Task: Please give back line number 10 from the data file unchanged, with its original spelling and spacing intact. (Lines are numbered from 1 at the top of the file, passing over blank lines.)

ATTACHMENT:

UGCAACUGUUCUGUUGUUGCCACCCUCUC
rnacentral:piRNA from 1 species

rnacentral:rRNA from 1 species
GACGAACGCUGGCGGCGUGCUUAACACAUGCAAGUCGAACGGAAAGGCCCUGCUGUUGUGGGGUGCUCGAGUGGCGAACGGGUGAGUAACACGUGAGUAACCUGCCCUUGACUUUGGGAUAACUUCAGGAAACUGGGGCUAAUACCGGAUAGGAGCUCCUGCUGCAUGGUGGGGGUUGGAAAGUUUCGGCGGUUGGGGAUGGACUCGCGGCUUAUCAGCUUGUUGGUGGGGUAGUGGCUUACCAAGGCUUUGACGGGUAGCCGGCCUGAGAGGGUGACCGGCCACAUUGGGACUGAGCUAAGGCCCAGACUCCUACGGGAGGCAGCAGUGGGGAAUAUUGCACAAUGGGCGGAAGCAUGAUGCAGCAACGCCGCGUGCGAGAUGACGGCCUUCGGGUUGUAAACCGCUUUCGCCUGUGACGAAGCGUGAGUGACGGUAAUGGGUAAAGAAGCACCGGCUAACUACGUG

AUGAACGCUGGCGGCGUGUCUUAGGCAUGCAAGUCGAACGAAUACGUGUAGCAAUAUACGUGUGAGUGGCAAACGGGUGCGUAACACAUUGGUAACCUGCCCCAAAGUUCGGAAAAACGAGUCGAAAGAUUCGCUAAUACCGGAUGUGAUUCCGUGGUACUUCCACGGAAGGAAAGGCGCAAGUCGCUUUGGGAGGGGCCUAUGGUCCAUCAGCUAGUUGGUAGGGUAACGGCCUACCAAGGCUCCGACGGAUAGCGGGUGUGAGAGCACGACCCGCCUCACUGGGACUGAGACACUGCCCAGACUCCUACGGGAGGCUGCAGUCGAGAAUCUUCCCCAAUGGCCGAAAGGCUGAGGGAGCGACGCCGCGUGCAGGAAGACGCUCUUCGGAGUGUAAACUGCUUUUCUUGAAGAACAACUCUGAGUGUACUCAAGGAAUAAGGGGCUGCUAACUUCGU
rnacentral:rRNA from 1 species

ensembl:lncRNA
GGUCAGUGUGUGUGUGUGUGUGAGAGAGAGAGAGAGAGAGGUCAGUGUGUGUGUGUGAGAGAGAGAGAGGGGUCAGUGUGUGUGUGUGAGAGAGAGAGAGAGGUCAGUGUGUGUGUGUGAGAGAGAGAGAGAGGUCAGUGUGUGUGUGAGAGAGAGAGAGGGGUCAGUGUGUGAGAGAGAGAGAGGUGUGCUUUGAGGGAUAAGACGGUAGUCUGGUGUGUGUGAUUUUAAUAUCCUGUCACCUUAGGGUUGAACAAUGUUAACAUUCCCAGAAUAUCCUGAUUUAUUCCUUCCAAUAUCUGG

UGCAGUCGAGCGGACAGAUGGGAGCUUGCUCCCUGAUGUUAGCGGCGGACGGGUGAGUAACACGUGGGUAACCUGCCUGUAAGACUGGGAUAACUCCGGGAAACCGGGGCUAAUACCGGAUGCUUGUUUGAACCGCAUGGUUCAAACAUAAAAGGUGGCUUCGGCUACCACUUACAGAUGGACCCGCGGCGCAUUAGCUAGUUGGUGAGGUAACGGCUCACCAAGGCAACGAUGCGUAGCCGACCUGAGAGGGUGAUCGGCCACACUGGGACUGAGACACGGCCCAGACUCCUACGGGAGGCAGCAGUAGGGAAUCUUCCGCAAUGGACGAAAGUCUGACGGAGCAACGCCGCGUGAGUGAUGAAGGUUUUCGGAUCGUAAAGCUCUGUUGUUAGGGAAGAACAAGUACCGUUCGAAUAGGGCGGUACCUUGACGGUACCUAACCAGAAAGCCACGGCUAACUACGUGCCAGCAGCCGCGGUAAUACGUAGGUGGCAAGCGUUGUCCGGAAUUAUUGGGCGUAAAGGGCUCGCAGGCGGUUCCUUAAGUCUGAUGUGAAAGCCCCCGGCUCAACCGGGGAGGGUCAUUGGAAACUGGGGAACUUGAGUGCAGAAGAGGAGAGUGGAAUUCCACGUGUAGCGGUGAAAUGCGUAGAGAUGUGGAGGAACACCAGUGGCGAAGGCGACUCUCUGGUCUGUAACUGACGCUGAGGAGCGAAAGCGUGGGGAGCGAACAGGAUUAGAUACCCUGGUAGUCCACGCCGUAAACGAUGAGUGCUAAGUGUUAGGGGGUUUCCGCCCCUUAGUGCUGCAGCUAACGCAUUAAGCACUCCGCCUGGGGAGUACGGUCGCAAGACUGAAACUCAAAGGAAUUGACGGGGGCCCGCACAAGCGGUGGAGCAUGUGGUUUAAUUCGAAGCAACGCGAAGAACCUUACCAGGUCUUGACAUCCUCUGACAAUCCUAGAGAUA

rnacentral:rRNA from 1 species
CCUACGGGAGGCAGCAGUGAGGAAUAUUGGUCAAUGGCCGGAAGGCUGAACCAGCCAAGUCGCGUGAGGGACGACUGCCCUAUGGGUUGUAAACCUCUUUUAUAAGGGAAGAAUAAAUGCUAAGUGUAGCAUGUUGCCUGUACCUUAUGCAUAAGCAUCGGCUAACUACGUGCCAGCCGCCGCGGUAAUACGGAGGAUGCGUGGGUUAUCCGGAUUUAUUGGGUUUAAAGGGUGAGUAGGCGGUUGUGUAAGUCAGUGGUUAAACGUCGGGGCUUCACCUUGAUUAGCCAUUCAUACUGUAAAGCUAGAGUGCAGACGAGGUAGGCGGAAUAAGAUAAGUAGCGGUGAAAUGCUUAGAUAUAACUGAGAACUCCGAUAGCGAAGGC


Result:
rnacentral:rRNA from 1 species